American Redstart

Setophaga ruticilla

This bird travels from as far south as northern South America in winter, to as far north as northwestern and eastern Canada during breeding season. Rarely do they visit the western USA, except in the mountainous regions in the far north. These birds are far more common in eastern USA. When the breeding season is over, American Redstarts travel south, staying in southern Mexico, the Caribbean, and northern South America. Southern Baja California (Mexico) is another location we find them in winter.

When foraging, these birds appear as sparks or flickering flames in the canopy as they search for their insect prey. Constantly in motion, these birds are challenging subjects to photograph while feeding.

Breeding season finds these birds in second growth broadleaf forests in North America, where they usually stay in the mid to lower sections of the canopy. In winter they seek woody habitats often near agriculture. Shade-grown coffee plantations seem to be especially attractive to them.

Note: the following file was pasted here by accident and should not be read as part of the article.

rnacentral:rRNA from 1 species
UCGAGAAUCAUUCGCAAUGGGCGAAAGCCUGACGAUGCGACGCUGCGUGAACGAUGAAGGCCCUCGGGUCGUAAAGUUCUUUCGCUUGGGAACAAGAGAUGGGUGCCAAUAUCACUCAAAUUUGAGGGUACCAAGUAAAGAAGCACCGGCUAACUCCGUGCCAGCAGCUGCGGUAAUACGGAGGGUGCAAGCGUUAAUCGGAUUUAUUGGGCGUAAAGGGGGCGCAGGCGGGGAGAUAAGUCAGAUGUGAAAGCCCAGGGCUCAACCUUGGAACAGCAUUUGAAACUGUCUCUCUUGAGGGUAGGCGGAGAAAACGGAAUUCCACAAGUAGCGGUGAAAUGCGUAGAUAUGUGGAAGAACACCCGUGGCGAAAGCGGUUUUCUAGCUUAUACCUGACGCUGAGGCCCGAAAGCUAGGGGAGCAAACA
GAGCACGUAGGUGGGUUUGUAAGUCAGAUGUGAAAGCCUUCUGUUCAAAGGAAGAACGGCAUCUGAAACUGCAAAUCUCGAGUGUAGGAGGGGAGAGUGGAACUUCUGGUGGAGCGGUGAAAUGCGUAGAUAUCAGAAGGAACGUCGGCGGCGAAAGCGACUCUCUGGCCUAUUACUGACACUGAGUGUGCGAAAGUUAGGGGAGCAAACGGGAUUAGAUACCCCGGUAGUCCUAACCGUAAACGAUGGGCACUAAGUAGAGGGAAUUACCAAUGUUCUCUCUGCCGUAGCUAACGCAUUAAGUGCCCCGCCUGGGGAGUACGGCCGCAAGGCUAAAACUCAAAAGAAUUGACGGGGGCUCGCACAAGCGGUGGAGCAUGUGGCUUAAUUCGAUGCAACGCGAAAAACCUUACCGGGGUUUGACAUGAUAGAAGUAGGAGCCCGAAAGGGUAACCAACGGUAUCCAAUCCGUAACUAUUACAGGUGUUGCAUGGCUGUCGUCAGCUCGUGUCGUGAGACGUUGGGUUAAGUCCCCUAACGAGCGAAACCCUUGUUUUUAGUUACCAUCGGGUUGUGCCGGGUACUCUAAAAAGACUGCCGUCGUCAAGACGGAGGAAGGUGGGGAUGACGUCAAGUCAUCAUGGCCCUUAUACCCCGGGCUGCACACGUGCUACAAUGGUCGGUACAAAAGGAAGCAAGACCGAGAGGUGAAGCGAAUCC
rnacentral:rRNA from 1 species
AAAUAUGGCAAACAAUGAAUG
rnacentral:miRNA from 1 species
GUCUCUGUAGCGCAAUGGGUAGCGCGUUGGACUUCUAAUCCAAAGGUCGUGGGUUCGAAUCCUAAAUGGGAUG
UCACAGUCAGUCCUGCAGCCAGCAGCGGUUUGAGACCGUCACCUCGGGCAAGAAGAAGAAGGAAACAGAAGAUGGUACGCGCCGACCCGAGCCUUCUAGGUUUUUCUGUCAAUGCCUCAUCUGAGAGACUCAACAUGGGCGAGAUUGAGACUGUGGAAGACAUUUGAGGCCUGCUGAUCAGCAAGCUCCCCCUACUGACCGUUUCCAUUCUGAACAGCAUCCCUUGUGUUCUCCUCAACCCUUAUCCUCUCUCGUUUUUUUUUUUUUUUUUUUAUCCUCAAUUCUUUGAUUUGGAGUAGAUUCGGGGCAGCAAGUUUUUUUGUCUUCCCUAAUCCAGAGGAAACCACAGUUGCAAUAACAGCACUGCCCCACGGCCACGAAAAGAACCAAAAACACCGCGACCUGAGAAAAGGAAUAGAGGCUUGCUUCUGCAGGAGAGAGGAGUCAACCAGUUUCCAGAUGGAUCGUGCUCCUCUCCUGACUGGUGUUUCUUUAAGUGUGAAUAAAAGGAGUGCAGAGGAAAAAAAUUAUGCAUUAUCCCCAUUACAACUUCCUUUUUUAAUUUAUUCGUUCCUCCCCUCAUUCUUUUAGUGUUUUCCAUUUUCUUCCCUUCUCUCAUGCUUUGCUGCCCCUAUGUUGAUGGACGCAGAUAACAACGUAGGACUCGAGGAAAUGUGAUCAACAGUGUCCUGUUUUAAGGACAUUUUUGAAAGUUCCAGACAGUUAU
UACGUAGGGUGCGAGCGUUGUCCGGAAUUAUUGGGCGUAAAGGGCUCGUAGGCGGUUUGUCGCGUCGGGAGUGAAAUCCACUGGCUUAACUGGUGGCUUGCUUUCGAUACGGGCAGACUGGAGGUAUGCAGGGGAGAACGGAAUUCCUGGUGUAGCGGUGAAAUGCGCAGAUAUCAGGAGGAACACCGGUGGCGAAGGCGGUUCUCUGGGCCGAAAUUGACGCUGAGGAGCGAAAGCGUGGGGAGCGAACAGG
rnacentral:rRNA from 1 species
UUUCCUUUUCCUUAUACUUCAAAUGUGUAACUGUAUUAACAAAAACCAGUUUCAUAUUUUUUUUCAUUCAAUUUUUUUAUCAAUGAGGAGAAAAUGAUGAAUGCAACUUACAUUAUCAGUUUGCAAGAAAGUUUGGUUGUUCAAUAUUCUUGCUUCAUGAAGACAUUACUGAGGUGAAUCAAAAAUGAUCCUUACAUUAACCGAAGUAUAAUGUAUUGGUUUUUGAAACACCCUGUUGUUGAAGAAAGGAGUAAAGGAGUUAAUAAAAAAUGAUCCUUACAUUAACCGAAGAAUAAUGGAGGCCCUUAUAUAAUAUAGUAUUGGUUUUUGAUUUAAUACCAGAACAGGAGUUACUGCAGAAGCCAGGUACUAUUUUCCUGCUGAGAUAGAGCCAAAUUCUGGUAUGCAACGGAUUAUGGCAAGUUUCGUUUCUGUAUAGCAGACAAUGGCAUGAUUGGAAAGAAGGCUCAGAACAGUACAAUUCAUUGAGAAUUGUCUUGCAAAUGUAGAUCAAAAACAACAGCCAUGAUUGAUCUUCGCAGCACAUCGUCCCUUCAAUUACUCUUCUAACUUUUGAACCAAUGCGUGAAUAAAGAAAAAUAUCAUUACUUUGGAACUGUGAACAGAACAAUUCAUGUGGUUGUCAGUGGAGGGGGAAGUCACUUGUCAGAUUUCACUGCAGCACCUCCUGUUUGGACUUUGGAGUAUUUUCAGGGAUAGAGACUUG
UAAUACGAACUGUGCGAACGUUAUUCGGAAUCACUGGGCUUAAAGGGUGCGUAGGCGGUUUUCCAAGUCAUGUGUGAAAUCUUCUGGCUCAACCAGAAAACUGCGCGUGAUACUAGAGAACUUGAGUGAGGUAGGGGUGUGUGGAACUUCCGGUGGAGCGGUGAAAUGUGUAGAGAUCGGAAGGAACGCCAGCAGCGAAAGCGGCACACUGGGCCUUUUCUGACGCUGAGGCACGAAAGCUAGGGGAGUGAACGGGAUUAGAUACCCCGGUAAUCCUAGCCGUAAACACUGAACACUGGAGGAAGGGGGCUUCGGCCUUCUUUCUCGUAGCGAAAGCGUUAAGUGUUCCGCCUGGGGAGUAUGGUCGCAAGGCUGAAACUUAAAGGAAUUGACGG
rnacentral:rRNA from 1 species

To date, all my meetings with this species have been in south Texas. Laguna Atascosa NWR provided me with my first meeting with this species in spring 2020. That was a male bird. I met my first female bird in spring of 2021 on South Padre Island.

Today’s science recognises two subspecies of American Redstart. S. r. ruticilla breeds in the eastern USA, and S. r. tricolora breeds in across Canada and northwestern USA.

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